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Thread: NESS or Bosch for DIY home alarms ?

  1. #21
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    OK... you referred to "Running cable inside a roof cavity will need a licenced cabler" so yes, on that basis I did assume there was some element of that involved.

    Yes, there are some restrictions in the rules/standard. Any hard-wired installation requires the installer to be a licensed cabler.

    If for example, you connected some sensors (or cameras) with off-the-shelf pre-terminated cables and you attached those cables to a surface (wall, floor, ceiling, etc) they become, by definition, 'fixed'.

    The same applies if you pass a cable through a wall, cabinet, frame, ceiling, wall, under carpet, etc... and part of it is concealed, then it too is considered by the rules to be 'fixed'.

    In the case of a fully-wireless alarm... if it connects to, or may at any time in the future, connect to a telecommunication carrier's network (monitored alarm, dialler, etc) it is required to be installed by a licensed cabler, as there are still segregation distances within the rules that must be complied with... eg: mandatory separation distances from other services... power, gas, water, other cabling, etc.

    I don't make, or enforce the rules... I'm just required to adhere to them.

    Just giving you a heads-up on what's involved.

    It's worth noting that insurance companies love to find ways out of paying claims and if there's a fire for example and investigators find an alarm system installed without a Telecommunications Cabling Advice signed off by a licensed installer, they 'may' consider it to be a contributing factor... especially if segregation requirements haven't been met.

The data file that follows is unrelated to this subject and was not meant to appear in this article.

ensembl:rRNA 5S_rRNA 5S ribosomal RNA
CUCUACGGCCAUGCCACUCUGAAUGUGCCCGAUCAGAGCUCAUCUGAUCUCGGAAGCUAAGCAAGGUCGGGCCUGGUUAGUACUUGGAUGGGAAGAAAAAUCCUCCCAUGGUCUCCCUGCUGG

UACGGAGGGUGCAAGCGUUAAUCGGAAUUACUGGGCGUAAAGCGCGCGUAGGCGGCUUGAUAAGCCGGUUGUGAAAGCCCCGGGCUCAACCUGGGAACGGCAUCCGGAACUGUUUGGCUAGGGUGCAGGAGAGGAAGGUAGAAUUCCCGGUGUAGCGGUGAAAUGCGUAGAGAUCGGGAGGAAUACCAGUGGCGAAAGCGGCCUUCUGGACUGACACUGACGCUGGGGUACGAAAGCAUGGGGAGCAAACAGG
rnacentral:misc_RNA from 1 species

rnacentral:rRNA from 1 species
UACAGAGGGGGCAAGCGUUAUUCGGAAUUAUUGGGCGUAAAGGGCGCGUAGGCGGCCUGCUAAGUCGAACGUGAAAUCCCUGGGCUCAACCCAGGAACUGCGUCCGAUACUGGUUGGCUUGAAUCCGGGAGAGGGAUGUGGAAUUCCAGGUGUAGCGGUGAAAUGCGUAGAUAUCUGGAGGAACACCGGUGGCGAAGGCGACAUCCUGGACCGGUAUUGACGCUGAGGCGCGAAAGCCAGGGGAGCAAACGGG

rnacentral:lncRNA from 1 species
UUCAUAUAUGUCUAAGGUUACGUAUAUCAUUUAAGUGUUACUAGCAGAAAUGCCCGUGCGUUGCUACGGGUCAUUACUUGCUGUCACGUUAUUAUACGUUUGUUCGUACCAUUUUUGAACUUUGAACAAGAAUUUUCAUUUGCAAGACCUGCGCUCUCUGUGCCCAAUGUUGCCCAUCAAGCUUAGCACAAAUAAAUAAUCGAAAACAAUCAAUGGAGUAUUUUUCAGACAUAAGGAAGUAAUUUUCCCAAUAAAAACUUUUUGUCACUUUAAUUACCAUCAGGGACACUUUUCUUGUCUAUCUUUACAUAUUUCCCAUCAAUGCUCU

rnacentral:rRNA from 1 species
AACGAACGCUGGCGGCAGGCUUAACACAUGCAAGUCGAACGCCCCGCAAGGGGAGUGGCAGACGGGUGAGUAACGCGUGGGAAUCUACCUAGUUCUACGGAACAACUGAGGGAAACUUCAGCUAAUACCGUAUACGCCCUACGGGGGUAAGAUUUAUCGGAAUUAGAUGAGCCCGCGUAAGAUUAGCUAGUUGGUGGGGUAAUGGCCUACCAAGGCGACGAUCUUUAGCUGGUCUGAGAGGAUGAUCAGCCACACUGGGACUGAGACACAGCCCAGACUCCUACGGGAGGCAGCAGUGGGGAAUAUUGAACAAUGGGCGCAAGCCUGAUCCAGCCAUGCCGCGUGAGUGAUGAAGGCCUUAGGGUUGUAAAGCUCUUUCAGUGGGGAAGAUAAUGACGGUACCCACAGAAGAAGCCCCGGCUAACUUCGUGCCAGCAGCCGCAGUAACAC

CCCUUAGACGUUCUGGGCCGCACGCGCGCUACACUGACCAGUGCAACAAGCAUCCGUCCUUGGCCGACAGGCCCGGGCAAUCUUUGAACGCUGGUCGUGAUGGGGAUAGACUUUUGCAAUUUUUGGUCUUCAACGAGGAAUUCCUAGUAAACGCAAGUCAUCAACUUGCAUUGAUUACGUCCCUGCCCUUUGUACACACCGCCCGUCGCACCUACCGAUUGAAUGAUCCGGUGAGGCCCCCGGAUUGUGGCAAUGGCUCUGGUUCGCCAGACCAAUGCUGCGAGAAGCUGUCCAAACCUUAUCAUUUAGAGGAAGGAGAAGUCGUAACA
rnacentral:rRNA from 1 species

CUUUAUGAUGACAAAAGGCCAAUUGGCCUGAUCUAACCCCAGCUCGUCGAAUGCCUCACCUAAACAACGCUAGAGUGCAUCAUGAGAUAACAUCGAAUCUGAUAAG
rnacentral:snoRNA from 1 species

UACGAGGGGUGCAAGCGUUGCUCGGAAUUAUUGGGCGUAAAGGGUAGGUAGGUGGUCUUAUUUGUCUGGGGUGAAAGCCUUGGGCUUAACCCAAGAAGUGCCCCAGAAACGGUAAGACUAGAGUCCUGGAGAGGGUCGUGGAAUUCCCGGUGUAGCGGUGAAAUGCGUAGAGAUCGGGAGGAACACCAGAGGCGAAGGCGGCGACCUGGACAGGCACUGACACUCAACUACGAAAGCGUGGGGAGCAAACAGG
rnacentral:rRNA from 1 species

It's no different to DIY electrical work in that regard.

    Quote Originally Posted by ACMA
    If you are an unregistered cabler who is not properly supervised or if the work you perform does not comply with the Wiring Rules you have committed a criminal offence and you could face an on-the-spot fine of $2,040. The fine can be up to $90,000 if court action is taken.


    If it's a completely wireless system, not connected to, or not capable of connecting to a carrier's network and all components are mounted clear of all other services (including those which may be concealed, etc) then, it's probably fine.



  • #22
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    I think your definition of fixed cabling is different to what the cabling rules mean. Fixed cabling would be the keypad and sirens, no matter what sensors you are using.

    You will find that some time ago wholesalers did sell direct. Ness did at one point.

    However tech support is not intended to explain why things work ie sleep settings on wireless PIR's etc.

    The key here is that all cables need to be run by a registered cabler (not licensed cabler) and the appropriate forms completed to ensure that it is done accordance to the wiring rules. Just like an electrician needs to do a safety certificate.